Seven congregations of anthropomorphic objects constitute Cory Arcangel’s solo exhibition in Milan, which is a complement to the artist’s concurrent exhibition at the GAMeC – Galleria d’Arte Moderna e Contemporanea – in nearby Bergamo. Both spaces have been populated by groupings of sculptures made from pool noodles, colourful cylindrical flotation devices, which stand in for figures, or in this case, for representations of youthful tribes and typically American sub-cultures.
The artist first encountered these unadorned objects as found or readymade works of art at his local Walgreens pharmacy, where he noted: “Half of the store seems dedicated to catalysing chronic bodily decay, and the other half seems dedicated to the fallout.” By dressing these foam lengths in shop-bought accoutrements and clothing, he attributed each with certain humanoid characters, built around three predetermined sub-sets of contemporary consumerist America: teenagers (or “tweens”, the more specific category for those aged in-between 10 and 12), middle American fans of the rock-rap star Kid Rock and Wall Street traders. While the collective title for this series – Screen-agers, Tall Boys and Whales (2011-14) – mirrors each of these categories, each of Arcangel’s new foam noodle assemblages also have their own titles and tribal allegiances.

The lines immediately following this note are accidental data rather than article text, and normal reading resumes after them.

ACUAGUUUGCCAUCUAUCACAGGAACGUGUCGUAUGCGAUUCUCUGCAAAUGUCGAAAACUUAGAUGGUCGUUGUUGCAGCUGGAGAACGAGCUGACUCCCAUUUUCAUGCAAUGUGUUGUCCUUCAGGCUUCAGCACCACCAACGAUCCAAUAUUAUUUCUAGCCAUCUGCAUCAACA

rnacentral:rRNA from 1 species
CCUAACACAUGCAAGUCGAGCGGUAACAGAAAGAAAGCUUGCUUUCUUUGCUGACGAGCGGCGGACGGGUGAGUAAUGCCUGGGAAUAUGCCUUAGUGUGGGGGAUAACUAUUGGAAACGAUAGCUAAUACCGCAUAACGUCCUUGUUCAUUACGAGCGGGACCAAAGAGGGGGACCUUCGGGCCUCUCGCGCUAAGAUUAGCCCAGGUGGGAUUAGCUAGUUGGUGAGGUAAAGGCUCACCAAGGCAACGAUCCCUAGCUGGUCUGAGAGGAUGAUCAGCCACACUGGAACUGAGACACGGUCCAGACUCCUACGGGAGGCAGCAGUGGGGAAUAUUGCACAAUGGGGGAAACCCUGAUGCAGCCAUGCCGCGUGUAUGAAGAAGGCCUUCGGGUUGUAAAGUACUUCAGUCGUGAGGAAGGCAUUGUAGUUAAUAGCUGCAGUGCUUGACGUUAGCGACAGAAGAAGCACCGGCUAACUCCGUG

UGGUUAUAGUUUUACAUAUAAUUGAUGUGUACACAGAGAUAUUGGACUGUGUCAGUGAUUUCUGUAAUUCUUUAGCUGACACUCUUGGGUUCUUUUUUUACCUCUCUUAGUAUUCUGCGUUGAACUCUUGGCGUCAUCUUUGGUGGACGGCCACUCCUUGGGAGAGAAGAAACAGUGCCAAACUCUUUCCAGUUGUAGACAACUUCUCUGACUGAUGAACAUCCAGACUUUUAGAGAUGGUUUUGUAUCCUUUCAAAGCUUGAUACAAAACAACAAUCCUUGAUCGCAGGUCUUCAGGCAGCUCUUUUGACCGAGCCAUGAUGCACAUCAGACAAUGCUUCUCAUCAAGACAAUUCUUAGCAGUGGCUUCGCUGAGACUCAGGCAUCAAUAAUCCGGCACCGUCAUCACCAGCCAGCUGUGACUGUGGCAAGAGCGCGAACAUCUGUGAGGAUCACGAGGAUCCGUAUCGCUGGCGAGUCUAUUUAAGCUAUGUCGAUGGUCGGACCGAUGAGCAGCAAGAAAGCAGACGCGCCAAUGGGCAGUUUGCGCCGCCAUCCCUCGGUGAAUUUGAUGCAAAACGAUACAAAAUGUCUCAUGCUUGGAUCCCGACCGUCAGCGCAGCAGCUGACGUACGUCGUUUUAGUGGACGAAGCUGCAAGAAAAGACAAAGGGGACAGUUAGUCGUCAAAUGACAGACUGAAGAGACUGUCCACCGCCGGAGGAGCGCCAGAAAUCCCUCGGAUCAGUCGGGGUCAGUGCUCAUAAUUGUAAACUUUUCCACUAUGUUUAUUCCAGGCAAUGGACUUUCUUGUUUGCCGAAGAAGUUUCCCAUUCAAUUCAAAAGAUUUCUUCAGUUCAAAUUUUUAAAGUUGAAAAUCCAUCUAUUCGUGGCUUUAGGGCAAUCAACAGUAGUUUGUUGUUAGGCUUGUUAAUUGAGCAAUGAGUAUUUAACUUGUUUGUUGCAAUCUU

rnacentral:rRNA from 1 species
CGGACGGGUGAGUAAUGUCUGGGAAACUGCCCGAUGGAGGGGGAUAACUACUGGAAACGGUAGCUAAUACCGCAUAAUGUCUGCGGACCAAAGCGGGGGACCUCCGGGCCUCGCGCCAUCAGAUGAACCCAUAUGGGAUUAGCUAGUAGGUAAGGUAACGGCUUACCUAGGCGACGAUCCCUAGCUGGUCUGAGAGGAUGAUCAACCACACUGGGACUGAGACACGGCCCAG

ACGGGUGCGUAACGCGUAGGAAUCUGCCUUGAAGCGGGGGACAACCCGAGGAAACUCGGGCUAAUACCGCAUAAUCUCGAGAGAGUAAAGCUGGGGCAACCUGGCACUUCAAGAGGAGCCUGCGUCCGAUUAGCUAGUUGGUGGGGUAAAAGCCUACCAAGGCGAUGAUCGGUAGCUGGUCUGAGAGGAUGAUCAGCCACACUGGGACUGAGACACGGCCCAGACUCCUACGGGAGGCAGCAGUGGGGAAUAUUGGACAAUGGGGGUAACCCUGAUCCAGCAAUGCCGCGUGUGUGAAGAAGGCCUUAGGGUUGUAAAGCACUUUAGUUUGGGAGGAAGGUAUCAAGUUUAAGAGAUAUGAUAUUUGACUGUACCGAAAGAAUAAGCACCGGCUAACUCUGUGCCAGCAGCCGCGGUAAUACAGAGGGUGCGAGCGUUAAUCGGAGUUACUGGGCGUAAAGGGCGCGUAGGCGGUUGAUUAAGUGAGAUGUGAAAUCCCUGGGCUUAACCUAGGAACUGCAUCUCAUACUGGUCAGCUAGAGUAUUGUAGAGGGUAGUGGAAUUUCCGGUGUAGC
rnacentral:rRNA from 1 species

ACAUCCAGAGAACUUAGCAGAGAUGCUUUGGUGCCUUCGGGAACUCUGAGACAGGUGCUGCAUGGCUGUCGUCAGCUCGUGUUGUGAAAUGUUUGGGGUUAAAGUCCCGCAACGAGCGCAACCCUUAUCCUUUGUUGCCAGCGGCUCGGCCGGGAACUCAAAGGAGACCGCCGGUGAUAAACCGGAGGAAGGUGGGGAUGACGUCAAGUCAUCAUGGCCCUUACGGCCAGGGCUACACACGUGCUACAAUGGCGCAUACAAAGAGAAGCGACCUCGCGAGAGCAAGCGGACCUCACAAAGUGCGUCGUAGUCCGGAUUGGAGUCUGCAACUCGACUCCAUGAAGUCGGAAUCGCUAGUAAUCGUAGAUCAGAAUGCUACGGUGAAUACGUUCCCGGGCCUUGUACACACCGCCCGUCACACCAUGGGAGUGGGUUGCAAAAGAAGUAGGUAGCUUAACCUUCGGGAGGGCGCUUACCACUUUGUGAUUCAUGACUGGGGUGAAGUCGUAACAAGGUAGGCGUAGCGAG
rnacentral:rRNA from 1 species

Leafs, for example, is a solitary green cylinder, subtly embedded with two large-gauge earrings (like those found in extreme body piercing and earlobe stretching practices) each decorated with a marijuana leaf. The work titled Clarity is a pink float wearing black headphones and an armband proclaiming a love of dubstep – the same genre of electronic music that can be heard emanating from the iPod mini, similarly strapped around its limb-like circumference. High Life depicts three pink and blue striped-sock wearing jocks, one with a beer can attached to its drink-holder summit, while other groups of reconfigured swimming aids include the goth-like band of Misfits, who wear skeleton print leggings and are accompanied by a floor-bound stereo, again playing their favoured style of music. Aside from Arcangel’s acute portrayal of contemporary American identity as the sum total of its readily available, mass market hyper-branded goods, his agglomerative sculptures also refer back to specific moments in recent art history, such as the Minimalist ‘planks’ of John McCracken, the consumer good presentations of Cady Noland or Haim Steinbach and, most specifically, to the striped, painted poles of André Cadere. With the latter in mind, the largest installation in Hot Topics is entitled Your Performance and consists of seven multi-coloured pool noodles covered with vertical bands taken from tracksuits or sportswear items bearing the famous three stripes of Adidas. Arcangel’s exhibition in Bergamo, This is all so crazy, everybody seems so famous, includes a further 20 pool noodle works, as well as a new carpet piece, early modified computer games and four of his recent Lake works (reflective, meditative flatscreen videos), all of which will be presented in the historic Sala de Giuristi, the oldest municipal building in Italy.